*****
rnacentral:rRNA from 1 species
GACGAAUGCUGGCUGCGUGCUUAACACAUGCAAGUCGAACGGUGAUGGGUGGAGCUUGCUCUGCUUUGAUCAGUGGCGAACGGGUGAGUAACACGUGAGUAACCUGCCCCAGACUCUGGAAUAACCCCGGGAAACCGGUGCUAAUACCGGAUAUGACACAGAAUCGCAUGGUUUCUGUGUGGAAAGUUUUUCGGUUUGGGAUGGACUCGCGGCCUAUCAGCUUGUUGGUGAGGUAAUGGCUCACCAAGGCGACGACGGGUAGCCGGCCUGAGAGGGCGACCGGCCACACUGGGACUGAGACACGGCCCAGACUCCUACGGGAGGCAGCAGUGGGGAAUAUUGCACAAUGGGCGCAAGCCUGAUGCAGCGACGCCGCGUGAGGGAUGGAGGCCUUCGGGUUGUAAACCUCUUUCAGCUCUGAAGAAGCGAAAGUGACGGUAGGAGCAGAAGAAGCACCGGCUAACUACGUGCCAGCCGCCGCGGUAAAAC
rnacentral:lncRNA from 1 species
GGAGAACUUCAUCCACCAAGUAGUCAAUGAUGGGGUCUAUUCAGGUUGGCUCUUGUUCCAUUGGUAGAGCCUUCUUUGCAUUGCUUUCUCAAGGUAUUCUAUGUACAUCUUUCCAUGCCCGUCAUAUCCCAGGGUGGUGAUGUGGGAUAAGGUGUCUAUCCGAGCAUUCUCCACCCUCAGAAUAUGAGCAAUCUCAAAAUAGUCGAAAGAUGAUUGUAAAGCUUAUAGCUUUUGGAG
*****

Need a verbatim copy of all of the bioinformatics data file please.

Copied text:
rnacentral:rRNA from 1 species
GACGAAUGCUGGCUGCGUGCUUAACACAUGCAAGUCGAACGGUGAUGGGUGGAGCUUGCUCUGCUUUGAUCAGUGGCGAACGGGUGAGUAACACGUGAGUAACCUGCCCCAGACUCUGGAAUAACCCCGGGAAACCGGUGCUAAUACCGGAUAUGACACAGAAUCGCAUGGUUUCUGUGUGGAAAGUUUUUCGGUUUGGGAUGGACUCGCGGCCUAUCAGCUUGUUGGUGAGGUAAUGGCUCACCAAGGCGACGACGGGUAGCCGGCCUGAGAGGGCGACCGGCCACACUGGGACUGAGACACGGCCCAGACUCCUACGGGAGGCAGCAGUGGGGAAUAUUGCACAAUGGGCGCAAGCCUGAUGCAGCGACGCCGCGUGAGGGAUGGAGGCCUUCGGGUUGUAAACCUCUUUCAGCUCUGAAGAAGCGAAAGUGACGGUAGGAGCAGAAGAAGCACCGGCUAACUACGUGCCAGCCGCCGCGGUAAAAC
rnacentral:lncRNA from 1 species
GGAGAACUUCAUCCACCAAGUAGUCAAUGAUGGGGUCUAUUCAGGUUGGCUCUUGUUCCAUUGGUAGAGCCUUCUUUGCAUUGCUUUCUCAAGGUAUUCUAUGUACAUCUUUCCAUGCCCGUCAUAUCCCAGGGUGGUGAUGUGGGAUAAGGUGUCUAUCCGAGCAUUCUCCACCCUCAGAAUAUGAGCAAUCUCAAAAUAGUCGAAAGAUGAUUGUAAAGCUUAUAGCUUUUGGAG